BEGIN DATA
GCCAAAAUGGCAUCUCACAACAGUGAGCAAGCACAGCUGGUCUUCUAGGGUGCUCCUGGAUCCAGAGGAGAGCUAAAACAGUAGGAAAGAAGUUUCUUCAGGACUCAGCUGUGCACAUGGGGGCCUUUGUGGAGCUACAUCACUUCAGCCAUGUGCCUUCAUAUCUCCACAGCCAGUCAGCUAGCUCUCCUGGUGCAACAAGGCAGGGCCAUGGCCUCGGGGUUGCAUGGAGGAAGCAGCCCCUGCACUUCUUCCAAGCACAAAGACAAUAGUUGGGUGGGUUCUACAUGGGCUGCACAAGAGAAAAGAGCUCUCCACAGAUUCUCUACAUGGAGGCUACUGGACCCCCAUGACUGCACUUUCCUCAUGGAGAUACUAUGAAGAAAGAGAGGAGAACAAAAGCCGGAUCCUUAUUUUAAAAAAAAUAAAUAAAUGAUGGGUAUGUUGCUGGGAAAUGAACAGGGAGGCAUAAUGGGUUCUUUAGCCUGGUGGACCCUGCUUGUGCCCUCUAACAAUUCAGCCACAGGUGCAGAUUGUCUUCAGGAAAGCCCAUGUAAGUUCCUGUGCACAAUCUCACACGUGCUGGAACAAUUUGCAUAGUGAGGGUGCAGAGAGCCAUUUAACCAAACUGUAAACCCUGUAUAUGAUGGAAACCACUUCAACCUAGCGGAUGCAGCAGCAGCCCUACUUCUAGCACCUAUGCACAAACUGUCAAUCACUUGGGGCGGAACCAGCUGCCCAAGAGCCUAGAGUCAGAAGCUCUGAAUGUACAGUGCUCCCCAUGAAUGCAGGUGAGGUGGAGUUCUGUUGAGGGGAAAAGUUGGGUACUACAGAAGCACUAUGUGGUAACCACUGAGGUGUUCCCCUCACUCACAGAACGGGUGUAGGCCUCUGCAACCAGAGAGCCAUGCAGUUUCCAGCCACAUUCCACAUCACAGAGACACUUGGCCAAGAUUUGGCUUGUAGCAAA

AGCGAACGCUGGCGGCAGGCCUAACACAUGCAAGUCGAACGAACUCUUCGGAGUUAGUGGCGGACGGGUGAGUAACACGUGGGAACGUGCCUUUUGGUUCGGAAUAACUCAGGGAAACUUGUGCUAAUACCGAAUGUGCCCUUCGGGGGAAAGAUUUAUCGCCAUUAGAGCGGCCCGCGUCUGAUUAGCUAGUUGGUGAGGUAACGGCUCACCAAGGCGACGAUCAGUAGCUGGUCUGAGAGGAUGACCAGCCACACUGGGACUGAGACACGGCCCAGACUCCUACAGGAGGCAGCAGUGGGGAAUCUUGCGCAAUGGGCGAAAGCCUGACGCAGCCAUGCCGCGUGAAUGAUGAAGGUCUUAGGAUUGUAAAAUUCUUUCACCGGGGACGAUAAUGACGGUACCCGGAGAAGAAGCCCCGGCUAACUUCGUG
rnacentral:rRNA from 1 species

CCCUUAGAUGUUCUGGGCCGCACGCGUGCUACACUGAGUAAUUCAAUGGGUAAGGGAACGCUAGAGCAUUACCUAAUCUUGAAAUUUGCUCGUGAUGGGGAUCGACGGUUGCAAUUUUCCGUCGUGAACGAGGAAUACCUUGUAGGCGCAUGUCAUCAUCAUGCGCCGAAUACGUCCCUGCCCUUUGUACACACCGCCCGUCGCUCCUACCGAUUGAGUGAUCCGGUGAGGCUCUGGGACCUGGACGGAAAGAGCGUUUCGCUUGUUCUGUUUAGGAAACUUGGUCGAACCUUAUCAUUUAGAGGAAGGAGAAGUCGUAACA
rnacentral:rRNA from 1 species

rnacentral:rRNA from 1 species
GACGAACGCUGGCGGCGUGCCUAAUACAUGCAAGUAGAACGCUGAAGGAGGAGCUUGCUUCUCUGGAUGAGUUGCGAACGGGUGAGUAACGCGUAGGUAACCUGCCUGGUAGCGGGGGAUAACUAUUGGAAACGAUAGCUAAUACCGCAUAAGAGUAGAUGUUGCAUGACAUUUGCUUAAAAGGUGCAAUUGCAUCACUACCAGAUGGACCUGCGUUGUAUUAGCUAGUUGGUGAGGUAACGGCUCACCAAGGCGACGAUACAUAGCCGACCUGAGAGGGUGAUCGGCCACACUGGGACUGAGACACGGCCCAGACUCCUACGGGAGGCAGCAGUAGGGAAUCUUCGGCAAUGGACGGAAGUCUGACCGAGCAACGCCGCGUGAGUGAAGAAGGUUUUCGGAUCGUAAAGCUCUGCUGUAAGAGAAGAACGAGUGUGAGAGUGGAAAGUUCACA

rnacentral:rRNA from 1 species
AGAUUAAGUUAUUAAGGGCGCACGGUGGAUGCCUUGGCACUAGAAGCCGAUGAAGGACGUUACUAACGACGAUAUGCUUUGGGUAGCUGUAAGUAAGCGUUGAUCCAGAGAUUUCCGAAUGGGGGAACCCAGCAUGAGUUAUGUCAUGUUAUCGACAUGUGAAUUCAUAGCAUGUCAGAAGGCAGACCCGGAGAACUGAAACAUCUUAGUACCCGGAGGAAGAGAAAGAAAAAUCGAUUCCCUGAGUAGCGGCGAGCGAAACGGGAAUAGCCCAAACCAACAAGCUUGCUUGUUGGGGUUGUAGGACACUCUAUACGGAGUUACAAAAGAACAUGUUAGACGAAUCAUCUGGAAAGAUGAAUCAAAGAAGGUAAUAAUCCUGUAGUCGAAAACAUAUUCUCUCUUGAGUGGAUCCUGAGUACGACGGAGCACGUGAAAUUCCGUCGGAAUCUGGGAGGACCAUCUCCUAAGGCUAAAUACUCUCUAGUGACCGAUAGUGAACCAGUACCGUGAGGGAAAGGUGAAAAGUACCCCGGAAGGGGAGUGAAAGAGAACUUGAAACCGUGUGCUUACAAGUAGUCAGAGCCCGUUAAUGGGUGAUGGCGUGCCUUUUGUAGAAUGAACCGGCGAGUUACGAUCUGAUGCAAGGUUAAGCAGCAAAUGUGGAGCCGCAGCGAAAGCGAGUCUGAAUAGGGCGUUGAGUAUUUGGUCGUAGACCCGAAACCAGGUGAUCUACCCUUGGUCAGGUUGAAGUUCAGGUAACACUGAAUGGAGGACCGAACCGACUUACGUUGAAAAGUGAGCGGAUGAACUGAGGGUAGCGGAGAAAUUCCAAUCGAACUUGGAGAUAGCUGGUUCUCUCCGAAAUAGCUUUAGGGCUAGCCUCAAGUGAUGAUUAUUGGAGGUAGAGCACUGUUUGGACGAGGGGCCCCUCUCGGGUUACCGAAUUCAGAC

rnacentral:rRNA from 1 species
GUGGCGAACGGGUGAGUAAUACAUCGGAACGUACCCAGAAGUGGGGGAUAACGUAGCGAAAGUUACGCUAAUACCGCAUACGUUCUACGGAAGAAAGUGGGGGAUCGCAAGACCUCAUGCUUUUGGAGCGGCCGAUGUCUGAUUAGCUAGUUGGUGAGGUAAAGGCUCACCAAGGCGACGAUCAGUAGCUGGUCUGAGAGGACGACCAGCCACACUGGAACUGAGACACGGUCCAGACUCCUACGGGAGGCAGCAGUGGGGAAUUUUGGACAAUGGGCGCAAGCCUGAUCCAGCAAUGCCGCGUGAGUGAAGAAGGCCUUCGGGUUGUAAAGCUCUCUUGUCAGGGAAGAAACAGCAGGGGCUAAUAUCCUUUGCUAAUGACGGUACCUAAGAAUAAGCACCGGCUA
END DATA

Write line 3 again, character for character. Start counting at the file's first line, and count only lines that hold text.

rnacentral:rRNA from 1 species